August 12, 2011
I was chatting with a printmaker at the studio I go to about the amount of work and skill it takes to get your prints to come out as you intended. I joked about how little progress I've made in my printing skills in relation to the amount of time spent. "I mean, how long does it take to be good at this?"
"Ten thousand hours," he said without a beat.
He saw my surprise, and explained that it taking 10,000 hours of dedicated practice to achieve expertise was an established saying - he didn't make it up. Ten thousand hours, he said, was roughly equivalent to working full-time (40 hours/week) at something for 5 years. It made sense to him that one would be pretty skilled at something (or at least more skilled than other people) after that amount of time and experience.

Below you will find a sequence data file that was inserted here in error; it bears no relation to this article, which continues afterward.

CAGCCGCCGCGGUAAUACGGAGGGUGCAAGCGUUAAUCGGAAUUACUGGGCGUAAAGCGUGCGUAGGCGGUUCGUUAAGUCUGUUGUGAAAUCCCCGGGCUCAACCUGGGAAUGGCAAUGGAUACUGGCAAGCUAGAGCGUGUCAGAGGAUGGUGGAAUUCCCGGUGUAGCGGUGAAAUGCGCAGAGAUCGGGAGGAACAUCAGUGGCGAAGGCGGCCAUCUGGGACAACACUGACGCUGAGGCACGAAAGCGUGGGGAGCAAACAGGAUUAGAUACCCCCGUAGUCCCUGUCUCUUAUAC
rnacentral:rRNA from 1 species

In the book Outliers, author Malcolm Gladwell mentions a 10,000 hour rule, based on research by K. Anders Ericsson, a theoretical and experimental researcher on expertise (a.k.a. an expert on expertise). Gladwell asserts that the key to success in any field is a matter of practicing a specific task for a total of 10,000 hours. Along with being born at the right time, and other things beyond one's control.
Though it's certainly an oversimplification and much easier said than done, I still find the 10,000 hour rule to be useful encouragement that reinforces Ira Glass's advice for how to do great creative work - keep producing more work. But what if after 10,000 hours, I still haven't closed the gap between my work and my ambitions? We'll cross that bridge when we come to it.